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The Globe and Mail

Should a Canadian pro hockey franchise have a cheer team?

Every Monday, Wednesday and Friday we ask the Globe's roster of hockey writers to give their opinion on an issue in the world of puck.

Today we tackle a topic sure to be debated endlessly by the greatest hockey minds of our time.

The question: How do we feel about a Canadian NHL team deciding it needs a cheer team as part of the in-game experience?

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This is simply an opportunity to unleash the inner curmudgeon. Forget the cheerleaders, get rid of the outrageously bad music that thunders every time the game stops for a breath. Get rid of the obnoxious "CHEER" and "LOUDER! LOUDER! LOUDER!" commands and the phoney, lying "SOUND METER". Why hockey teams deem it important to pump music from a demographic that doesn't even go to the games is beyond the pale. Why they think fans are so stupid they don't know when to cheer is an absurdity. Get rid of the music and the scoreboard inanities and bring back the leather-lunged wit from high in the stands who, several times a game, would insert more delight into the match than a 3-on-0 breakaway. Let the fans decide when to cheer or boo -- or, at least, let's insist on a "BOO METER" based on the equality requirements of the Charter of Rights and Freedoms. Do all this and, for all I care, they can pack the place with cheerleaders -- press box included.


Sis boom bah humbug, Roy.

The NHL long ago went the way of the NBA and decided its fans are a group of nitwits with the attention span of a Tasmanian Devil with ADD. So who am I to argue when a Canadian team goes for cheerleaders?

Heck, strippers are already known to appear at Leaf games. No, there is no peeling involved but it is not uncommon for a young woman with an astonishing superstructure and a low, low-cut top to show up in the platinum seats with the resulting camera time. And it almost always turns out she is in the employ of one of the local peeler palaces. So it's not like the Oilers hit a depressing new low for the hockey traditionalists.

However, I am reminded of something my old pal the late Jim Hunt used to say back in the 1980s when scantily-clad cheerleaders started showing up at CFL games. Hunt would issue his booming laugh and yell down press row, and this is a rough translation for a family publication, "Get the [females]off the field ... and back in the dressing room where it belongs."

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Sources Shoalts. I demand to know your sources.

I guess I'm with Roy. I like the cheerleaders to the extent they are a distraction from all rest of the noise that is a distraction from the games, which, truth be told, might otherwise not hold up to scrutiny. I say do away with all of it and bring back the organists. But keep the Kiss Cams; I kind of like them.


First hockey team I ever covered, the Calgary Stampeders of the old Western Senior League, employed cheerleaders. Some nights, they were the best reason to come out and watch. I'm surprised Mr. Shoalts doesn't remember them, as he was a Calgary resident at the time. Didn't bother me then, doesn't bother me now. And as per Mr. MacGregor's complaint about the noise level in the buildings, the primary failing with the music is that they're just playing all the wrong songs. If they let me program the entertainment for all 30 NHL teams and made it mandatory that they listened to my play list, it would be a far more enjoyable experience for all.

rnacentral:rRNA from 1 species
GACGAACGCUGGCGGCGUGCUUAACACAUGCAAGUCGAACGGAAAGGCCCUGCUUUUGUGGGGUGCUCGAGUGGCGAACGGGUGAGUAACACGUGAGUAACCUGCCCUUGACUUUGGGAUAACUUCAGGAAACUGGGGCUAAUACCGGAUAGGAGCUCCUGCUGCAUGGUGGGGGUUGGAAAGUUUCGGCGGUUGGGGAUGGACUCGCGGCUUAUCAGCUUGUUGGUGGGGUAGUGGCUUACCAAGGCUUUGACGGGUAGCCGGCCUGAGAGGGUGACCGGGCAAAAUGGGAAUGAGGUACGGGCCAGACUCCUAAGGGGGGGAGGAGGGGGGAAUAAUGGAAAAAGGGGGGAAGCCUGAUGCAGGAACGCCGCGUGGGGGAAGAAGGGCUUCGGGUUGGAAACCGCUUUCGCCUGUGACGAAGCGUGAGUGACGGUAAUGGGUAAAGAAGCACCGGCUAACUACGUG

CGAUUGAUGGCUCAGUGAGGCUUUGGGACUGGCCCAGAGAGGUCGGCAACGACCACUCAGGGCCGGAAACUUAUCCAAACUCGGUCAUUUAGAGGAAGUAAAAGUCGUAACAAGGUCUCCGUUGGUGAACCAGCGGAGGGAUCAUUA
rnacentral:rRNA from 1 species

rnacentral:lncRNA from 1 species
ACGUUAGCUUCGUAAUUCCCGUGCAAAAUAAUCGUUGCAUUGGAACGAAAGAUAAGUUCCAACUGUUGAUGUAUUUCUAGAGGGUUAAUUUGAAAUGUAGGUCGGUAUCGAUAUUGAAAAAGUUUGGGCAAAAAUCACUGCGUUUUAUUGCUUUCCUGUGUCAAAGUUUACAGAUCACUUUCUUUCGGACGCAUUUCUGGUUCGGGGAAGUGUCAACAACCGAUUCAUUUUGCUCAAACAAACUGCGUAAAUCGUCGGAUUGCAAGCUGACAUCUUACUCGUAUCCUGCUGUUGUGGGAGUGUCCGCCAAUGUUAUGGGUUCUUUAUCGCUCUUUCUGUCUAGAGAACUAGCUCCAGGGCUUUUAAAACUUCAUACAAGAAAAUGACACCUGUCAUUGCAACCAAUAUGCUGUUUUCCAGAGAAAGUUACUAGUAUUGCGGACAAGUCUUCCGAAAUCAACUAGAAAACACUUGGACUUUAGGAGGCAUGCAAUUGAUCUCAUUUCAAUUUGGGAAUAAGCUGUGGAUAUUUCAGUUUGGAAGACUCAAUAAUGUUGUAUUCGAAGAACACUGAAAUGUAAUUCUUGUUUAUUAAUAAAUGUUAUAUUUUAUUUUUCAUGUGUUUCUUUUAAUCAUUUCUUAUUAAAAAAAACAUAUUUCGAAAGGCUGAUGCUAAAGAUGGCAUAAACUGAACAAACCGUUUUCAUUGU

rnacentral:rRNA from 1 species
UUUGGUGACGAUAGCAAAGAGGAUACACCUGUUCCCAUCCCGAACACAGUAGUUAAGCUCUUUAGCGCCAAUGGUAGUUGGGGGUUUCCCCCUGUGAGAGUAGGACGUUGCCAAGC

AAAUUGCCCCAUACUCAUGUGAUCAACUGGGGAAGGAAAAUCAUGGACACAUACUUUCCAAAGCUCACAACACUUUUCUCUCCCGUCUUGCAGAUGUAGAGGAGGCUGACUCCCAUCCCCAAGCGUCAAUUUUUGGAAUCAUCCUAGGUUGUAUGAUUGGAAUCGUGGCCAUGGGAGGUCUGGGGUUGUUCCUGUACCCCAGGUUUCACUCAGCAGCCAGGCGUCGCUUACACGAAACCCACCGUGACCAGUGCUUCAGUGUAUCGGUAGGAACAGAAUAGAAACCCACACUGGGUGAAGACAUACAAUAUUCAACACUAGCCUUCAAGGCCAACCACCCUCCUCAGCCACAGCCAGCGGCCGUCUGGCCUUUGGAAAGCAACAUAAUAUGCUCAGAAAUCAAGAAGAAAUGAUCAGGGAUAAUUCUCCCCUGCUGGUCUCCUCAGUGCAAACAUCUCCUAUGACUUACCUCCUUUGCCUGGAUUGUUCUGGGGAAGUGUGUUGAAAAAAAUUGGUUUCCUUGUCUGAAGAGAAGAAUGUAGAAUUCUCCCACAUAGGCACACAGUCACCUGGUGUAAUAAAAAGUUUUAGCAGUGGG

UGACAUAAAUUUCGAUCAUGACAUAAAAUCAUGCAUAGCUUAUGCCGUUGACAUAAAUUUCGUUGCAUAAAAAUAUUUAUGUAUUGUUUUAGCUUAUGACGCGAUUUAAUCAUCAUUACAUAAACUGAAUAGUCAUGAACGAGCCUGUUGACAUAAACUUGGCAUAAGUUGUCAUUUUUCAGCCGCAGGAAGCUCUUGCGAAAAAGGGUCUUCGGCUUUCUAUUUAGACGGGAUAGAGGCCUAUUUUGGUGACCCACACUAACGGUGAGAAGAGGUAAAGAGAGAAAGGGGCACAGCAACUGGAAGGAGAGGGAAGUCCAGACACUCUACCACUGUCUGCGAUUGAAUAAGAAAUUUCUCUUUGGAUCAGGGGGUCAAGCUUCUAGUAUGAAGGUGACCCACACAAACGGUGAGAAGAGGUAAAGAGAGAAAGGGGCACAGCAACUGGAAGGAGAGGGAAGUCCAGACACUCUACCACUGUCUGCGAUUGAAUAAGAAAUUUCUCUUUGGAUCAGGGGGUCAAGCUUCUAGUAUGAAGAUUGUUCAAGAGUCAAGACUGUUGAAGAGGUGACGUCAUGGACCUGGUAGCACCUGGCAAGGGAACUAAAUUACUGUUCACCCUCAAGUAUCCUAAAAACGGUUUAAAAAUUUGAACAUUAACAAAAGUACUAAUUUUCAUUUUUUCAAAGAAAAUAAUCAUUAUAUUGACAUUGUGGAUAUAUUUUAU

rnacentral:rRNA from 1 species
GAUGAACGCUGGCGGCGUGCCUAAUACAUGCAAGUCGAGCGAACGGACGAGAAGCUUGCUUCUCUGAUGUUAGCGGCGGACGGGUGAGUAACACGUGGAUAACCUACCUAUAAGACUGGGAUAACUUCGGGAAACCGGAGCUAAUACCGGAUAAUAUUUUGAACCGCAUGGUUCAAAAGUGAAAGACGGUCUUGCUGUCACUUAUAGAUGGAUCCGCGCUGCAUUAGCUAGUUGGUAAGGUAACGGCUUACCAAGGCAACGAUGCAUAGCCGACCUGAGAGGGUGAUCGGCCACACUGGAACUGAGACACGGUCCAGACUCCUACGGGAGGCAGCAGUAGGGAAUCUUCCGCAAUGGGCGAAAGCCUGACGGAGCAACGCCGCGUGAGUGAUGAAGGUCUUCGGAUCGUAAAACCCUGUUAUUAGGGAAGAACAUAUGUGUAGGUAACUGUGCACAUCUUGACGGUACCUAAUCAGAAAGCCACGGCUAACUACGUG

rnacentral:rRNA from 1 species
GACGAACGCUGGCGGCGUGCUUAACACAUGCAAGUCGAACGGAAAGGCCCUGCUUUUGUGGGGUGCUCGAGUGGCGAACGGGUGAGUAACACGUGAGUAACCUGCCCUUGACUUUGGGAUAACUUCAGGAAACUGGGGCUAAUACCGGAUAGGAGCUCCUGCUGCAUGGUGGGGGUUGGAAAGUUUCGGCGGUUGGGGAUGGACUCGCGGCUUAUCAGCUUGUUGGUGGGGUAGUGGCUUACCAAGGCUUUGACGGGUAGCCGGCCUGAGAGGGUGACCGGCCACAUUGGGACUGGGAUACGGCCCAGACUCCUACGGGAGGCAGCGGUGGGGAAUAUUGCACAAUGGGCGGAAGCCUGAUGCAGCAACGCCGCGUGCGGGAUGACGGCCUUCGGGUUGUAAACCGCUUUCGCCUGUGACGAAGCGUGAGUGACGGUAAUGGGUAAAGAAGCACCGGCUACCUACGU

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Got no problems with cheerleaders, nor with the Oilers or any other team thinking entertainment. Just know that when a team enhances the bells and whistles to this degree, it generally means that it cannot sell its product on the merits of the sport, or of the athletes.

Take the NFL, where six franchises are still holding out on cheerleaders: Packers, Bears, Steelers, Giants, Lions and Browns. Note that these communities -- Green Bay, Chicago, Pittsburgh, New York, Detroit, Cleveland -- are old-school football markets where the fans are sophisticated, and where the game is enough.

In the NHL, the Canadian Six should be the same.


Does anyone remember when people used to actually go to hockey games to, you know, pay attention to the game?

Matt's on to something: the cheerleader thing is very Florida Panthers-y, not something you'd think the Oilers would feel they need to do - and they shouldn't. The punk rock way to go would be for a team to go retro, scrap the ridiculous contests and clichéd music and leave it to crowd noise and an organist. Although as my friend Duhatschek the Bieber junkie will corroborate, the other teams in the league could learn a thing or two from the person who picked the tunes in Pittsburgh when he and I were there during the playoffs last year. Violent Femmes and Pixies, Rancid and Queens of the Stone Age? Well played sir/madam, even if it was kinda loud.


Why not? But they'd have to be named Betsy and Nelly and Debbie. Don't think Debber would work.

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